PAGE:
Ashraf Khan eldest son of Khushhal Khan Khattak, was born in the year H. 1044 (A.D. 1634); and when the war, which had been carried on by his father and other Afghan chieftains, against the Moghul Emperor; died out, Khushhal, wholly disgusted with the world, resigned the chieftainship of the Khattak tribe in favour of Ashraf, A.H. 1093 (AD. 1681.) The circumstances, which brought these matters about, having been related at length in the notice preceding Khushhal’s poems, need not be repeated here.
Ashraf endeavoured for some time to carry on the government of his clan, and also to perform his duties towards the Moghul Government, by aiding the Peshawar authorities in the administration of the affairs of that province; but he was opposed and thwarted in all his endeavours by his brother Bahram, the same who endeavoured to take the life of his father; who styles him "Bahram the Degenerate", and “The Malignant"; and by whose machinations Ashraf was, at last, betrayed into the hands of Aurangzeb, in the year H. 109 (A.D. 1683). The affairs of the Dakhan having called for the presence of that monarch, who continued in that part of India for several years the Khattak chief was taken along with him, as a state prisoner; and was subsequently sent to the strong fortress of Bijapur, situated in what is, at present, termed the Southern Maharata country, where he continued to languish in exile for the remainder of his life. He died in the year H. 1105 (A.D. 1693), and in the 60th year of his age.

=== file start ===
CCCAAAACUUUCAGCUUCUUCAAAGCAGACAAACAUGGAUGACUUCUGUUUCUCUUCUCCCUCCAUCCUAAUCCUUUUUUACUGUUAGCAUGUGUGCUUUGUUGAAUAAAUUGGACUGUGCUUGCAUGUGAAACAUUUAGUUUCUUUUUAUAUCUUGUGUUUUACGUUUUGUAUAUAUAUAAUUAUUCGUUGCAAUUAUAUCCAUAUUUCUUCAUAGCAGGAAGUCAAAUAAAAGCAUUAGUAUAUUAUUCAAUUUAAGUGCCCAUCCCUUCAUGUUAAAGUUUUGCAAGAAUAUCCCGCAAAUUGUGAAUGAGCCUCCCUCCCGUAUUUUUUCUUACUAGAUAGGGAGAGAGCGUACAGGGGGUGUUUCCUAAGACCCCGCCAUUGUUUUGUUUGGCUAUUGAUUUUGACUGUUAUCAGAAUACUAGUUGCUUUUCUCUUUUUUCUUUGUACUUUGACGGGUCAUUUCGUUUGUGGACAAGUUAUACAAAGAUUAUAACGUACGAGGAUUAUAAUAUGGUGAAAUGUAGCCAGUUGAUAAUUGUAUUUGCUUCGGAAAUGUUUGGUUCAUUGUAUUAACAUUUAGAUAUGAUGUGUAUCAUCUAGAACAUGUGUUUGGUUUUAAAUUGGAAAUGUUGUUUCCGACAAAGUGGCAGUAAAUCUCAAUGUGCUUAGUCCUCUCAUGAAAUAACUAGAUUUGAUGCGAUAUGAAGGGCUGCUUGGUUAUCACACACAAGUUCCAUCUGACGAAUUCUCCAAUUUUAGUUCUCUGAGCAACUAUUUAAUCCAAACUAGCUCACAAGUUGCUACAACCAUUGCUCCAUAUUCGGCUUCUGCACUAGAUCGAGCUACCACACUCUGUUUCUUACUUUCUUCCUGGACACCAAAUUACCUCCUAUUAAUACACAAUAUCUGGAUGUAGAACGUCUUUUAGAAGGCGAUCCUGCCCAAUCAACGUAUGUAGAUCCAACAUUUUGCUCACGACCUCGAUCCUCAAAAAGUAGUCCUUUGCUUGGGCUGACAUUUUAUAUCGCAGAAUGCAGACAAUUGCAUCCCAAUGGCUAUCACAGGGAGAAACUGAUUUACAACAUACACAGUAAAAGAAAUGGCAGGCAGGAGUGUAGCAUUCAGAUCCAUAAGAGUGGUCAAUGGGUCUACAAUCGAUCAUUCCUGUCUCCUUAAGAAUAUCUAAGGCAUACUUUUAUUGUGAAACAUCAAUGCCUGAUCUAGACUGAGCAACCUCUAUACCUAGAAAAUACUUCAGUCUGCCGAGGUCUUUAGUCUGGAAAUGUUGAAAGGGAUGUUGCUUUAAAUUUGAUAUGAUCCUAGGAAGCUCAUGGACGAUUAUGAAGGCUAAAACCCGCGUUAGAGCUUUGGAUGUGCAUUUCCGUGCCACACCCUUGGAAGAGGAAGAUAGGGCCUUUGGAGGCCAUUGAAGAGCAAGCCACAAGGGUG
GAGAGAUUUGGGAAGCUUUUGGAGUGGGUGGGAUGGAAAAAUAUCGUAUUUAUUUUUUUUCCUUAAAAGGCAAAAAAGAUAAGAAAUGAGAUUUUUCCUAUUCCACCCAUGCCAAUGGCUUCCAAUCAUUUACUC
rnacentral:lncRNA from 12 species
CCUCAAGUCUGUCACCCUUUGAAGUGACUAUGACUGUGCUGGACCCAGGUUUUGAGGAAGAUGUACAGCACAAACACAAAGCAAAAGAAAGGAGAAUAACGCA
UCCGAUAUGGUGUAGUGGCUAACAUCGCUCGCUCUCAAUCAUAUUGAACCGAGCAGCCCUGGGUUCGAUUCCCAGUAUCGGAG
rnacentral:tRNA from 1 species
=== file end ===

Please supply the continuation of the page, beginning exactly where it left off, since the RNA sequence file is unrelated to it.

Ashraf used, occasionally, to devote some of his leisure tinie to poetry, before he assumed the government of his clan, incited, doubtless, by the example of his brave old father, and his brothers Abdul Qadir Khan Khattak and Sadr Khan Khattak, who were also gifted with the "cacoëthes scribendi". During his exile he wrote a great number of poems, and collected the whole, as they now stand, in the form of a Diwan, or Alphabetical Collection. According to the usual custom among Eastern poets, Ashraf assumed the name of “The Severed” or "Exiled"; and many of his poems, written in the most pathetic style, plainly tell where, and under what circumstances, they were composed. The original Diwan, or Collection, arranged and written by himself, at Bijapür, is still in the possession of his descendants, and from it the following poems were extracted; indeed, I am not aware that any other copy of his poems exists. Ashraf is regarded by the Afghans as a good poet; but his effusions are, without reason apparently, considered difficult and abstruse.
When Afzal Khan Khattak, his son, became firmly established in the chieftainship, he caused the remains of his father to be removed from Bijapur to Sara'e where the Khattak chiefs have been usually interred-a distance of some fifteen hundred miles.